Policy priorities: Public service reform based on individual control - like personal care budgets, supports a "living wage", tackling unemployment, would look at changing the benefit system to address concerns about immigration, would keep 50p tax in "medium term", voting system reform not a priority, backs national care service for elderly funded by 10% tax on all estates after death.

Quote: "We were wrong not to listen to the concerns of our supporters. We were wrong not to take those concerns seriously and respond accordingly. And we were wrong to take our supporters for granted. I share the responsibility for that as a senior party figure. Now I want to learn from those errors, to reconnect with our members and supporters and galvanise the party into the powerhouse it can and should be."


Future of Labour: Party must leave the Blair-Brown era behind to become "Next Labour"; renew ideology and ideas, double membership, ensure one third of shadow ministers are female

Image caption David Miliband says politics has moved on from the 'demons of the 1980s'

Cutting the deficit: Would reduce the deficit by a 2:1 ratio of cuts to tax increases instead of the Tories' 4:1 split

Policy priorities: Fairer society - tackling inequality, return to full employment, fair pay and equal pay for women, close education gap between rich and poor, create thousands of "green" jobs, continue welfare reform, keep 50p tax rate for this parliament, supports mansion tax and bankers' bonus tax, supports bringing in the alternative vote (AV) system for Westminster elections.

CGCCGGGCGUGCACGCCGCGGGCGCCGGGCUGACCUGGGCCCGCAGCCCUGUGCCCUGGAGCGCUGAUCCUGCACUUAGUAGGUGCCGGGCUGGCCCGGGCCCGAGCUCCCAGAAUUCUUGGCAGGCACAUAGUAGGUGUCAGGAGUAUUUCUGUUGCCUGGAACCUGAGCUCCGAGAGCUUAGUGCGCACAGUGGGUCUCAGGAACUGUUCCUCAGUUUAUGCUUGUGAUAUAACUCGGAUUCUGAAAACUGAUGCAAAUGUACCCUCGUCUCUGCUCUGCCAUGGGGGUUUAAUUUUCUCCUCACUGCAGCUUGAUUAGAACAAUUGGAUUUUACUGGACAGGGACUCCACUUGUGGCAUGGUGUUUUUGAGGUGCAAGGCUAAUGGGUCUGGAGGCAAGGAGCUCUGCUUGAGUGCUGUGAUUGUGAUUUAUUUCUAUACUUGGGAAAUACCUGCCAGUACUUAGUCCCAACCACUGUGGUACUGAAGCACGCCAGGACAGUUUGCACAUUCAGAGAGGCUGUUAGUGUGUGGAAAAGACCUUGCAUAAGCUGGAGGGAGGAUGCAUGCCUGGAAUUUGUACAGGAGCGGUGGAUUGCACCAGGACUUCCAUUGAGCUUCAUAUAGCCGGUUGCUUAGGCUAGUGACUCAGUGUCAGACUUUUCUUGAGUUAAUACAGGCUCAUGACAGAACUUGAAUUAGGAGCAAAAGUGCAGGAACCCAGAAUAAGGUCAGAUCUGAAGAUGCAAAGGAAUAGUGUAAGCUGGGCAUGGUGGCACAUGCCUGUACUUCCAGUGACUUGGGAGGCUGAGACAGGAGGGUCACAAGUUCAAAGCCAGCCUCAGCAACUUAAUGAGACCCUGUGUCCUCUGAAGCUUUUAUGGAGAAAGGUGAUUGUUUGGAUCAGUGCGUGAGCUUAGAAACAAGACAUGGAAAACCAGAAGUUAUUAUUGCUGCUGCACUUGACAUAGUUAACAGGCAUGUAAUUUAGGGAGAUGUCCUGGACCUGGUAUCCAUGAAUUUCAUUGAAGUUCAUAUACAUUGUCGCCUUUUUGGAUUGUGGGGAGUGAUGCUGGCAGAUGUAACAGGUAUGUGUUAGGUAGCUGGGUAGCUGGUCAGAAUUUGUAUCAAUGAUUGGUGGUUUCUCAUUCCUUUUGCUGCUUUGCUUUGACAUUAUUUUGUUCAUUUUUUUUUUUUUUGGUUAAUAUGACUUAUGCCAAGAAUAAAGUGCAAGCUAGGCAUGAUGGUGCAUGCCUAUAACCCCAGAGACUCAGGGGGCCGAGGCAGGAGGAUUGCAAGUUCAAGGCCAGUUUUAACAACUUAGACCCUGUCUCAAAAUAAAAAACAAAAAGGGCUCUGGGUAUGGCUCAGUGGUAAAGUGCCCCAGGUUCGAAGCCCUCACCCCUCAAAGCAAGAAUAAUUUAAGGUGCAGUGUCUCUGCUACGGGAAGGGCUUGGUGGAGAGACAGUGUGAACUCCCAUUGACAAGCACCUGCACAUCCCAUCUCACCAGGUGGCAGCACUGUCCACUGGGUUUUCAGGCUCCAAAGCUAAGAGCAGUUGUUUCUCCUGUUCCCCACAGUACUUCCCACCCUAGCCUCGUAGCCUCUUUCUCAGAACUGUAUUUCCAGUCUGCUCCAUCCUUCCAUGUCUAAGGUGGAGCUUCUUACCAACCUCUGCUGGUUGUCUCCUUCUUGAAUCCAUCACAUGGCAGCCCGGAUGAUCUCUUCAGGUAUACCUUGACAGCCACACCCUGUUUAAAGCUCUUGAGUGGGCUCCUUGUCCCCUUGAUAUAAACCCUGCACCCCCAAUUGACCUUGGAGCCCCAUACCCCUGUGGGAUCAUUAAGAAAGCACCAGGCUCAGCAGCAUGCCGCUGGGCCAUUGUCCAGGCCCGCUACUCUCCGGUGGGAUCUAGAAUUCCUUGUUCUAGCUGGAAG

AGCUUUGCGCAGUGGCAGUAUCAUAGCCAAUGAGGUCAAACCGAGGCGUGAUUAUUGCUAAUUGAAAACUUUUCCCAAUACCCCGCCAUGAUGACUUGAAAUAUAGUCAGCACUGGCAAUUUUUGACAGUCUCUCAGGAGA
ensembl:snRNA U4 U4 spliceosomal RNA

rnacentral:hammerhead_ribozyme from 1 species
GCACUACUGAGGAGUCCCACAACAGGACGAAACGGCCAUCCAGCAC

Quote: "The tragedy of the 2010 election is that for too many people we ceded the mantle of both progress and reform - the former on the issues of political change and inequality, the latter on public services and the economy. We were trapped by Labour's demons of the 1980s when politics has moved on."


Future of Labour: Party must rediscover radicalism and become a movement and a cause, give members a proper voice, reach out more to trade unions, voluntary sector, community and environmental groups, move beyond old Blairite/Brownite divisions to unite around ideas, believes a third of shadow cabinet should be women but would also support Harriet Harman's 50% proposal.

Image caption Ed Miliband wants Labour to be a 'party of idealists'

Cutting the deficit: Labour's plan to halve deficit in four years is "starting point" but more could be raised through tax - such as a higher bank levy.

Policy priorities: Climate change and environment, reform state to make it more accountable, elderly care, create skilled jobs, backs a "living wage", would keep 50p tax rate permanently, graduate tax instead of tuition fees, right to request flexible working for all workers and fair pay review for public and private sectors.

Quote: "The road back to power isn't simply about analysing election results, it is about fundamental beliefs. We must build a wider movement that can show in opposition that we are rooted in people's lives. We must show that we are a party of idealists not just managers."